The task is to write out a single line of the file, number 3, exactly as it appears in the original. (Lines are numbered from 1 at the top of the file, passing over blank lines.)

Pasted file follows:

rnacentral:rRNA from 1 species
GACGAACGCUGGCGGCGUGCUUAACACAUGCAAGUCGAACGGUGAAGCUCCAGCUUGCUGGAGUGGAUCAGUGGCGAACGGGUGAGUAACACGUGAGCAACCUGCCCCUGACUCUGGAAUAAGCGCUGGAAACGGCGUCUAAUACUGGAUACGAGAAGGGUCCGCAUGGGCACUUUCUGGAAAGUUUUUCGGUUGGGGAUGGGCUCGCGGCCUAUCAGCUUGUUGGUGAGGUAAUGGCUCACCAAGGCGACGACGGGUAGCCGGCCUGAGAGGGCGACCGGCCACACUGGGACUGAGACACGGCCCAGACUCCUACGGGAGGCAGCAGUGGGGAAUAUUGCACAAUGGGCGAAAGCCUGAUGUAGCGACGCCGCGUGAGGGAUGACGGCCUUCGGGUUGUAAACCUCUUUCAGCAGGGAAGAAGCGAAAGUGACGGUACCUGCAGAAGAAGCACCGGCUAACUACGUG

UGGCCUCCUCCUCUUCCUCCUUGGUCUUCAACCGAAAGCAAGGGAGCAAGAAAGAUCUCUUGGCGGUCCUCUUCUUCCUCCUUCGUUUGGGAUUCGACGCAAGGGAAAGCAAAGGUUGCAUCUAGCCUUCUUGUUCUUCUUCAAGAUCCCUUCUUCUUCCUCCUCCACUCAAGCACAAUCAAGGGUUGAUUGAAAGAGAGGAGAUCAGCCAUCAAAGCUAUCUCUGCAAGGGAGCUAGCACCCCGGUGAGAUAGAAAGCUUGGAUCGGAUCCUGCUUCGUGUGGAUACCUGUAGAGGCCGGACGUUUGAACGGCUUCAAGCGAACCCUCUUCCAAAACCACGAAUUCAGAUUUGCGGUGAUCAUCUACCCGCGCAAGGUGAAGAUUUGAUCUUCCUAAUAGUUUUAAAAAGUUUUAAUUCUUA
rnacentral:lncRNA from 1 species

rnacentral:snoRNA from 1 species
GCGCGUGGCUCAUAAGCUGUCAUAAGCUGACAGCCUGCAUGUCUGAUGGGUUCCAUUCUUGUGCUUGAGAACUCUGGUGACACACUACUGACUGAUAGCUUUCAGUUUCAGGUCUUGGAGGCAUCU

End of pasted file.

UGGCCUCCUCCUCUUCCUCCUUGGUCUUCAACCGAAAGCAAGGGAGCAAGAAAGAUCUCUUGGCGGUCCUCUUCUUCCUCCUUCGUUUGGGAUUCGACGCAAGGGAAAGCAAAGGUUGCAUCUAGCCUUCUUGUUCUUCUUCAAGAUCCCUUCUUCUUCCUCCUCCACUCAAGCACAAUCAAGGGUUGAUUGAAAGAGAGGAGAUCAGCCAUCAAAGCUAUCUCUGCAAGGGAGCUAGCACCCCGGUGAGAUAGAAAGCUUGGAUCGGAUCCUGCUUCGUGUGGAUACCUGUAGAGGCCGGACGUUUGAACGGCUUCAAGCGAACCCUCUUCCAAAACCACGAAUUCAGAUUUGCGGUGAUCAUCUACCCGCGCAAGGUGAAGAUUUGAUCUUCCUAAUAGUUUUAAAAAGUUUUAAUUCUUA